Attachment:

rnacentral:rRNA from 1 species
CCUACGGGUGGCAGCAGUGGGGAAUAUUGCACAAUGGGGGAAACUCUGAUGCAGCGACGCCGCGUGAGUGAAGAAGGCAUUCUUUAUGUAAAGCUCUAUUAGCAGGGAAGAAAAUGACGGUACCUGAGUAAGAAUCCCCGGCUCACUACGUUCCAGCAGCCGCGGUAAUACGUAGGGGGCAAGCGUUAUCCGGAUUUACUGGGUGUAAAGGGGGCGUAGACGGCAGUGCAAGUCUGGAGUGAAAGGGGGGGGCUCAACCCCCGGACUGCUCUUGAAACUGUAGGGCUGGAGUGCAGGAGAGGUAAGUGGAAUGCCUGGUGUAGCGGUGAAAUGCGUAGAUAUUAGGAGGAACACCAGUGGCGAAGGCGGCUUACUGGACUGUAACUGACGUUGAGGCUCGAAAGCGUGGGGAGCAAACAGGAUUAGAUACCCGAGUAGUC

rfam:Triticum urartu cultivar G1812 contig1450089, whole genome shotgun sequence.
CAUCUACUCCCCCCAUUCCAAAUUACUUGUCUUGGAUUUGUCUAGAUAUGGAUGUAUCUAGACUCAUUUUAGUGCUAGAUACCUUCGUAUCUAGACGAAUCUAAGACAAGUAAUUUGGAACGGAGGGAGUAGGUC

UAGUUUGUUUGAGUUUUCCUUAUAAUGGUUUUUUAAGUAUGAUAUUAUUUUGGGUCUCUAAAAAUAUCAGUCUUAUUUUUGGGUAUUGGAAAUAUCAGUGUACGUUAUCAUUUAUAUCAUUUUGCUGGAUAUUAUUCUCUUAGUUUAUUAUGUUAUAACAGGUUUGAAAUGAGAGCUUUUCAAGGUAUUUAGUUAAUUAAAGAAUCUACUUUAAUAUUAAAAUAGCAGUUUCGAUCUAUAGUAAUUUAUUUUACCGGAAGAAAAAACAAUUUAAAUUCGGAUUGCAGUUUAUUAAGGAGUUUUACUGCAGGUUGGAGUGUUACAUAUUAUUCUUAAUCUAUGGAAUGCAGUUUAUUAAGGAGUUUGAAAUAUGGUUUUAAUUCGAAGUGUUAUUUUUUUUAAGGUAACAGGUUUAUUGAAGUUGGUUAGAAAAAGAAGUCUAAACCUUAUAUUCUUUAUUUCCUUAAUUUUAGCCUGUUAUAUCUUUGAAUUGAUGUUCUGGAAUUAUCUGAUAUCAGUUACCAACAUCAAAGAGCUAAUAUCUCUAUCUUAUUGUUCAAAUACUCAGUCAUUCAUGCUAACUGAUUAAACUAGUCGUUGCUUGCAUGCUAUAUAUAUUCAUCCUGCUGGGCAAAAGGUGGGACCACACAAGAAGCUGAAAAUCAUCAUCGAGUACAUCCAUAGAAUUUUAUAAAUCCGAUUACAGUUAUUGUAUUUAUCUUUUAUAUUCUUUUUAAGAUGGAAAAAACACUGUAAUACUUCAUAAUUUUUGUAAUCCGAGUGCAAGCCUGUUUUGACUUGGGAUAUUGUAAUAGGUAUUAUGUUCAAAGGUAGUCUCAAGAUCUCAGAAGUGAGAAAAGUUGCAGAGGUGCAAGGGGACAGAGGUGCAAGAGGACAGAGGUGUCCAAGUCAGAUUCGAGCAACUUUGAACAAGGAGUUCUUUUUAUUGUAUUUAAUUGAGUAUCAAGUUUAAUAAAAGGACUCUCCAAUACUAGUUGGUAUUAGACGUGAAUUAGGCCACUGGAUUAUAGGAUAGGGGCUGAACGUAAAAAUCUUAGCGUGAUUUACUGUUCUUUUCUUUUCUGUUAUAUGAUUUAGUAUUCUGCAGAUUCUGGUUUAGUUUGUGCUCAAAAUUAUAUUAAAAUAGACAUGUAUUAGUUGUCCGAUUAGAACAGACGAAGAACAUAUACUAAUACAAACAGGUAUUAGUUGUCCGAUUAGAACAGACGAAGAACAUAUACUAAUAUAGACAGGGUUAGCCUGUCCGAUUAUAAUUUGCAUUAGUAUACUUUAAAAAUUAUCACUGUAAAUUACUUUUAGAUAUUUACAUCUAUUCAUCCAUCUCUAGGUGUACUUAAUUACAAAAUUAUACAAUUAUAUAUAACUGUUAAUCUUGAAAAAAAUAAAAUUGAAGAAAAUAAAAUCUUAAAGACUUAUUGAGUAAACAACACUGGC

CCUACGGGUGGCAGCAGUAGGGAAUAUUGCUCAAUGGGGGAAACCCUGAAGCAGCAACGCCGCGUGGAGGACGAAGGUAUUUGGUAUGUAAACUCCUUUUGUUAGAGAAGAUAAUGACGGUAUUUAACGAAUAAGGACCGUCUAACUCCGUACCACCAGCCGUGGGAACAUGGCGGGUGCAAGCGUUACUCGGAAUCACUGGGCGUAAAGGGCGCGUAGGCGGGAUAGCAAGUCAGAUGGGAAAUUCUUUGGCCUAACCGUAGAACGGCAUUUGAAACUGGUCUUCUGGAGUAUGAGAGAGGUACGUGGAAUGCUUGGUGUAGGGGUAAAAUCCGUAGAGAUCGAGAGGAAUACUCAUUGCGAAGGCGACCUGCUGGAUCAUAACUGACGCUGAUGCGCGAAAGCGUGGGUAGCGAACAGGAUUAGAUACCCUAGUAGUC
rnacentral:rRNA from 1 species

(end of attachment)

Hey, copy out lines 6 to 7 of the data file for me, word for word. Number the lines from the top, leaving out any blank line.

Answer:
CCUACGGGUGGCAGCAGUAGGGAAUAUUGCUCAAUGGGGGAAACCCUGAAGCAGCAACGCCGCGUGGAGGACGAAGGUAUUUGGUAUGUAAACUCCUUUUGUUAGAGAAGAUAAUGACGGUAUUUAACGAAUAAGGACCGUCUAACUCCGUACCACCAGCCGUGGGAACAUGGCGGGUGCAAGCGUUACUCGGAAUCACUGGGCGUAAAGGGCGCGUAGGCGGGAUAGCAAGUCAGAUGGGAAAUUCUUUGGCCUAACCGUAGAACGGCAUUUGAAACUGGUCUUCUGGAGUAUGAGAGAGGUACGUGGAAUGCUUGGUGUAGGGGUAAAAUCCGUAGAGAUCGAGAGGAAUACUCAUUGCGAAGGCGACCUGCUGGAUCAUAACUGACGCUGAUGCGCGAAAGCGUGGGUAGCGAACAGGAUUAGAUACCCUAGUAGUC
rnacentral:rRNA from 1 species